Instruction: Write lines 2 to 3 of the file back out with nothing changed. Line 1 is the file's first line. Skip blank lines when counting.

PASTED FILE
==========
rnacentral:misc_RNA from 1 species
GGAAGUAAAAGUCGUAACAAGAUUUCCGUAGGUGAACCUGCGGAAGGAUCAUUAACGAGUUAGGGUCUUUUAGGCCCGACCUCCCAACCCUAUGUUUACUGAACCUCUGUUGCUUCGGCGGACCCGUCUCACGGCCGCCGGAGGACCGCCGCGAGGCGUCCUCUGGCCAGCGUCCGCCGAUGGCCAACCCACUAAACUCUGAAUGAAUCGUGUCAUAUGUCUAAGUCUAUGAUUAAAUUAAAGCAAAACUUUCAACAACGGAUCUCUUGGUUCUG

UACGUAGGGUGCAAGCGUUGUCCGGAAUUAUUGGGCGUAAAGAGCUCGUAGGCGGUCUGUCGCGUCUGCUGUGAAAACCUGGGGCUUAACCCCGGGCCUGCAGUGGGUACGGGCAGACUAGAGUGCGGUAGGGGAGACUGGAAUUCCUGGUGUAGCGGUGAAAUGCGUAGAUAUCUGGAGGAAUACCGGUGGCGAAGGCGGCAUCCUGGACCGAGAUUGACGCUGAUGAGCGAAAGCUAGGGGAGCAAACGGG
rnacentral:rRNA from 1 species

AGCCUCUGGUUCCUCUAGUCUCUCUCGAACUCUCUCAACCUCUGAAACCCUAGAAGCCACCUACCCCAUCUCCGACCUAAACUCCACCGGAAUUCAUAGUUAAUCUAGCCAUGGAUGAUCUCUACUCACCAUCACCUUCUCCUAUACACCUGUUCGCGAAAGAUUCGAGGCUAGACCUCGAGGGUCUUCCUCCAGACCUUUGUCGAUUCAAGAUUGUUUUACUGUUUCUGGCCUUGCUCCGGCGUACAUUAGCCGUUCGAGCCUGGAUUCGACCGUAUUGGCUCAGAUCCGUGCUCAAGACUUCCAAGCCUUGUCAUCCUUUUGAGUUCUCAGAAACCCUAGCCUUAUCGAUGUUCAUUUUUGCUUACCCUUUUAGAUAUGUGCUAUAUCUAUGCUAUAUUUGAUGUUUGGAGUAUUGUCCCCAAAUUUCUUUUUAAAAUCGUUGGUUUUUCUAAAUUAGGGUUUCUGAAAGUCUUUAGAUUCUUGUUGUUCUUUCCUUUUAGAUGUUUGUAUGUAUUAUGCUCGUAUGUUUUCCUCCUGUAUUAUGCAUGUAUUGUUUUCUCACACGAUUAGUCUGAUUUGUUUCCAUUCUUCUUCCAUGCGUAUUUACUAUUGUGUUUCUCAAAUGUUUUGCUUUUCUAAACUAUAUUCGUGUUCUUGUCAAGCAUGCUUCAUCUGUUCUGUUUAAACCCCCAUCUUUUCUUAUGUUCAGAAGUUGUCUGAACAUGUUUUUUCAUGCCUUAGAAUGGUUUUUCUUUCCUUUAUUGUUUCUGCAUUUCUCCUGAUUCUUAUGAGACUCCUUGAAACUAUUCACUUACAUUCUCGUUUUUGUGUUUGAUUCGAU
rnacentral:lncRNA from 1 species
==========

GGAAGUAAAAGUCGUAACAAGAUUUCCGUAGGUGAACCUGCGGAAGGAUCAUUAACGAGUUAGGGUCUUUUAGGCCCGACCUCCCAACCCUAUGUUUACUGAACCUCUGUUGCUUCGGCGGACCCGUCUCACGGCCGCCGGAGGACCGCCGCGAGGCGUCCUCUGGCCAGCGUCCGCCGAUGGCCAACCCACUAAACUCUGAAUGAAUCGUGUCAUAUGUCUAAGUCUAUGAUUAAAUUAAAGCAAAACUUUCAACAACGGAUCUCUUGGUUCUG

UACGUAGGGUGCAAGCGUUGUCCGGAAUUAUUGGGCGUAAAGAGCUCGUAGGCGGUCUGUCGCGUCUGCUGUGAAAACCUGGGGCUUAACCCCGGGCCUGCAGUGGGUACGGGCAGACUAGAGUGCGGUAGGGGAGACUGGAAUUCCUGGUGUAGCGGUGAAAUGCGUAGAUAUCUGGAGGAAUACCGGUGGCGAAGGCGGCAUCCUGGACCGAGAUUGACGCUGAUGAGCGAAAGCUAGGGGAGCAAACGGG